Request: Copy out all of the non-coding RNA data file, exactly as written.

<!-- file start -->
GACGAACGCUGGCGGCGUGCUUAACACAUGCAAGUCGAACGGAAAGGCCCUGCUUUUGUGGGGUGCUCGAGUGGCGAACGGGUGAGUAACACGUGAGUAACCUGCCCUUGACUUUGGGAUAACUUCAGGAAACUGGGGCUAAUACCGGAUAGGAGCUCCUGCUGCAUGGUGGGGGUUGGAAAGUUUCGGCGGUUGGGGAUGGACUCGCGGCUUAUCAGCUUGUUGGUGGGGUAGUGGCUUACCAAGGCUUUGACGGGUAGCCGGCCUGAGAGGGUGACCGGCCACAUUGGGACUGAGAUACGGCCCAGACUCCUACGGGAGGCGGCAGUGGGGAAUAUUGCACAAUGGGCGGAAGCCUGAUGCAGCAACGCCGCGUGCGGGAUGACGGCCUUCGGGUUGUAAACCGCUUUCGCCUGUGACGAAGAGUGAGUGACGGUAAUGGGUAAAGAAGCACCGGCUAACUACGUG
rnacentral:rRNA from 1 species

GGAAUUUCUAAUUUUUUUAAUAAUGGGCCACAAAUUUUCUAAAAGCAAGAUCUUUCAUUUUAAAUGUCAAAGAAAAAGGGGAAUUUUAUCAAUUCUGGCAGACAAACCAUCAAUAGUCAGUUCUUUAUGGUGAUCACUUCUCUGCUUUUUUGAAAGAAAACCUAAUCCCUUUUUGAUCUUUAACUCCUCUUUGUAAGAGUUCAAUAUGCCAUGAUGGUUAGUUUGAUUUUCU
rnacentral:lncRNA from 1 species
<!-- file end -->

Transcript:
GACGAACGCUGGCGGCGUGCUUAACACAUGCAAGUCGAACGGAAAGGCCCUGCUUUUGUGGGGUGCUCGAGUGGCGAACGGGUGAGUAACACGUGAGUAACCUGCCCUUGACUUUGGGAUAACUUCAGGAAACUGGGGCUAAUACCGGAUAGGAGCUCCUGCUGCAUGGUGGGGGUUGGAAAGUUUCGGCGGUUGGGGAUGGACUCGCGGCUUAUCAGCUUGUUGGUGGGGUAGUGGCUUACCAAGGCUUUGACGGGUAGCCGGCCUGAGAGGGUGACCGGCCACAUUGGGACUGAGAUACGGCCCAGACUCCUACGGGAGGCGGCAGUGGGGAAUAUUGCACAAUGGGCGGAAGCCUGAUGCAGCAACGCCGCGUGCGGGAUGACGGCCUUCGGGUUGUAAACCGCUUUCGCCUGUGACGAAGAGUGAGUGACGGUAAUGGGUAAAGAAGCACCGGCUAACUACGUG
rnacentral:rRNA from 1 species

GGAAUUUCUAAUUUUUUUAAUAAUGGGCCACAAAUUUUCUAAAAGCAAGAUCUUUCAUUUUAAAUGUCAAAGAAAAAGGGGAAUUUUAUCAAUUCUGGCAGACAAACCAUCAAUAGUCAGUUCUUUAUGGUGAUCACUUCUCUGCUUUUUUGAAAGAAAACCUAAUCCCUUUUUGAUCUUUAACUCCUCUUUGUAAGAGUUCAAUAUGCCAUGAUGGUUAGUUUGAUUUUCU
rnacentral:lncRNA from 1 species